Now these books absolutely remain amongst my favorites of all time. While you can see some of the inconsistencies introduced when De Camp compiled the stories and finished those tales left undone by Howard, the series is still huge for me. Still, while I've read these books over and over and never tire of them, they aren't at the very top of my list.

Even still, Conan led into many of Howard's other works, including Bran Mak Morn, Solomon Kane, and Kull. Further down that path I found Elric.

The Elric series of novels is fantastic. Simply some of the best fantasy ever written, IMO. While I would put at least one of the Elric novels in my Top 10 or maybe even Top 5, there's one thing which keeps Elric from the top position. This is the fact that the character is so otherworldly and fantastic that I, as a simple human, cannot relate to him. Much like Conan, Elric is a character I admire (or pity), but I could never imagine myself in their place. This inaccessibility is a hurdle I can't get over.

I could go on. Like anyone who's been reading voraciously all of their lives the number of books I've read is up in the stratosphere somewhere. So let me get to it.

Answering the question of this post isn't easy, but, for me it's doable.

My favorite series (I could never select just one book) is the Farseer Trilogy by Robin Hobb.

Full of rich characters, a deep history, wonderful worldbuilding, and some of the finest storytelling I've ever read, this series of novels has stayed with me more so than any other because of all of those things but also because of the ending, which I won't give away but which I will say is something that I still think about now and again. In my mind, it’s the best, worst, most bittersweet ending I’d ever read. That in itself puts it at the absolute top of my list of favorites.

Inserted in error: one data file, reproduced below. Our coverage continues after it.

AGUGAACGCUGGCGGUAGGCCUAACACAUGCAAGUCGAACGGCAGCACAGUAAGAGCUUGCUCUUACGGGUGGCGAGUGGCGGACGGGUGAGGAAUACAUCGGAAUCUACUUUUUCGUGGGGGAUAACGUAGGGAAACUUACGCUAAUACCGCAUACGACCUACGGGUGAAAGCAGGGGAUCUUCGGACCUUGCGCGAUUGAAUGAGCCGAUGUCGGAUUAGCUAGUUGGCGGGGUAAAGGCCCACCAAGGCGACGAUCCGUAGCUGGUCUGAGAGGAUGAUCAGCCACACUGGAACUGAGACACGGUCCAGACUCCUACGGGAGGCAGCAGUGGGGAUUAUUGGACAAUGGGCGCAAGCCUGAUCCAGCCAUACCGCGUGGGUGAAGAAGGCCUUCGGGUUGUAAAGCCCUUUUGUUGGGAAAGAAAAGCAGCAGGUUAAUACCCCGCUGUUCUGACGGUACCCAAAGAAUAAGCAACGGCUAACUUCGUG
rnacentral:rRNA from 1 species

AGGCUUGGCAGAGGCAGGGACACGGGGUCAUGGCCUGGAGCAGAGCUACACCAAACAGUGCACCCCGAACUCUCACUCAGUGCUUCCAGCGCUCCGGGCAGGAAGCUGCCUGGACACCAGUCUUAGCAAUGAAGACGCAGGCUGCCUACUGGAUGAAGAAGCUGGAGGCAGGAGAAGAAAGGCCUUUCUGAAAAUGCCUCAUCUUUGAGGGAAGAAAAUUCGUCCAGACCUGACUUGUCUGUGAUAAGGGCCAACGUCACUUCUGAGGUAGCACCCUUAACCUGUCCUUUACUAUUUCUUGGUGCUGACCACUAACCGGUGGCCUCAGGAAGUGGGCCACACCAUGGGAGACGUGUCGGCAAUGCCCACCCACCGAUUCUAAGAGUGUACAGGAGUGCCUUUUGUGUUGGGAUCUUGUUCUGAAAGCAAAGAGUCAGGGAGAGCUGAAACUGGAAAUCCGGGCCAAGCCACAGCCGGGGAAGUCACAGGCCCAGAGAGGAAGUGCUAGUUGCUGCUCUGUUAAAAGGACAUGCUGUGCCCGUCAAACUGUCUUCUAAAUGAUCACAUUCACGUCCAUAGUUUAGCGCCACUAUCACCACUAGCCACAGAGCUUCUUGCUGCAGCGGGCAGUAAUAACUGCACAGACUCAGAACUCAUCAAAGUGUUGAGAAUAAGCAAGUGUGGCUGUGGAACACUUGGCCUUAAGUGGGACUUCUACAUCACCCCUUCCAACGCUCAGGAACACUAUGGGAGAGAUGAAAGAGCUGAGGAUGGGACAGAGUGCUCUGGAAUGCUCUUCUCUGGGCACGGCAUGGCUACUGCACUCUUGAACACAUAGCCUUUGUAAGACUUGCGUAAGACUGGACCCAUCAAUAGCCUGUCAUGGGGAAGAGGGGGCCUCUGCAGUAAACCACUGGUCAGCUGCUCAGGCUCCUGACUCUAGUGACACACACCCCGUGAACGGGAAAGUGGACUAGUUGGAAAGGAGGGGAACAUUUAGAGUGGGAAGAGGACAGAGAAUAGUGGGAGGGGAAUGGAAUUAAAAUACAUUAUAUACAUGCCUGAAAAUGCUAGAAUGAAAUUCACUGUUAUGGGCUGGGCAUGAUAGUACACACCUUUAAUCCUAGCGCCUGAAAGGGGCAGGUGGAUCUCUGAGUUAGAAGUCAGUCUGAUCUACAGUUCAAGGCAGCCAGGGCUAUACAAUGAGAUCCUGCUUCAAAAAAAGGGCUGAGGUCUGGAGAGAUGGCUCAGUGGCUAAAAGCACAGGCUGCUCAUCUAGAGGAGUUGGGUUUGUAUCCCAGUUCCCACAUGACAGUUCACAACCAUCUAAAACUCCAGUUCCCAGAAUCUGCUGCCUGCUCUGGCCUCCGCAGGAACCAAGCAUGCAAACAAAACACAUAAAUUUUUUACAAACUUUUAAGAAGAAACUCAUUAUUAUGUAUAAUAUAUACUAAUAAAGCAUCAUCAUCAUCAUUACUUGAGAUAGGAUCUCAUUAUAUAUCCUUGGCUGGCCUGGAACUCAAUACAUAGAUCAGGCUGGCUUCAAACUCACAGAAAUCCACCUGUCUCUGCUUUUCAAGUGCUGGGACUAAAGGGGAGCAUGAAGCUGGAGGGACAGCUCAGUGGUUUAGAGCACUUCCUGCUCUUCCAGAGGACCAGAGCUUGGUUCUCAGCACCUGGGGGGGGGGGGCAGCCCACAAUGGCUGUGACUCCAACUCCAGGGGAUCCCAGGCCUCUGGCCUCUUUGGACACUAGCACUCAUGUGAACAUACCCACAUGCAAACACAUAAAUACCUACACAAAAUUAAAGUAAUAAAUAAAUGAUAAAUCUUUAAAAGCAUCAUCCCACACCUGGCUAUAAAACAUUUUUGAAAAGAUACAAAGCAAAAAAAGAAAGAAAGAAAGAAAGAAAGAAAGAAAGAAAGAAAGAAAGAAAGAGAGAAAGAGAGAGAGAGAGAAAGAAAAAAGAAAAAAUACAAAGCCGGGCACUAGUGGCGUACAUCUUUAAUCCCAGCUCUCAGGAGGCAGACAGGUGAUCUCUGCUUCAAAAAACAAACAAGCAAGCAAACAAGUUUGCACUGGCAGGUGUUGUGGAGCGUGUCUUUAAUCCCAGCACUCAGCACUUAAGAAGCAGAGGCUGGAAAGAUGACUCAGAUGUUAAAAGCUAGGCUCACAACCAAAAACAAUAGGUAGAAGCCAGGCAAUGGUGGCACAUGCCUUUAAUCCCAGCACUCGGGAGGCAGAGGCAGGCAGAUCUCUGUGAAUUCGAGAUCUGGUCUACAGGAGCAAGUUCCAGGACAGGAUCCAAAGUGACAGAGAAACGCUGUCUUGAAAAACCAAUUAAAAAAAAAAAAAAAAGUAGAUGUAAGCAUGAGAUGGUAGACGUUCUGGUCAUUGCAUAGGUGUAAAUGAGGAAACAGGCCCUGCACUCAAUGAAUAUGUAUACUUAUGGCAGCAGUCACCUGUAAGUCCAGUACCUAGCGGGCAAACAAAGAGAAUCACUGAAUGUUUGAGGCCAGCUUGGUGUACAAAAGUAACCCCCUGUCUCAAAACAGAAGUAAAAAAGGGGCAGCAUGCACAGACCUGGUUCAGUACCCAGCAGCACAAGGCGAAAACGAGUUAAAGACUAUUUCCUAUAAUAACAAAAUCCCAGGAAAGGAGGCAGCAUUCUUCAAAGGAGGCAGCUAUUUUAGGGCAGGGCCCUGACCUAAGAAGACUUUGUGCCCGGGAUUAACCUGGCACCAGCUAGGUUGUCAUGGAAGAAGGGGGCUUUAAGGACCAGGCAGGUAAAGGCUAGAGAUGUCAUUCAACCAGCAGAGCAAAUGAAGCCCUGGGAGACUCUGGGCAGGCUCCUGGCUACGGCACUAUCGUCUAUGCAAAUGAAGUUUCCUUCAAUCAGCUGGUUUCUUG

So, what's your all-time favorite?

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Comments (4) -

  • David Greybeard
    Nice list even though I never cared for the Dragonlance or Miss Hobb's books. I'd add Karl Edward Wagner's Kane series, the Wrinkle in Time series and Alan Garner's The Weirdstone of Brisingamen series.
  • Susan
    I agree with you that my favorites have changed over time.  My "gateway" book was A Wrinkle in Time.  I still like it and the whole series, but my favorite series, standing the test of time for over 10 years now, is Jonathan Carroll's "European" cycle of books, including Voice of Our Shadow, Child Across the Sky, After Silence - essentially all of his books up until his Crane's View books.  I've read these books several times each, and they're still jaw-droppingly awesome.
  • scottmarlowe
    Sounds like I need to check out "A Wrinkle In Time".
  • scottmarlowe
    Hobb is a 'take or leave it' sort of author. Not a lot of middle-ground with her for whatever reason. People came out both strongly in favor of and against her when I reviewed The Soldier Son trilogy ( ). I liked the series, though it doesn't rank as well even in my mind as much as some of her other work.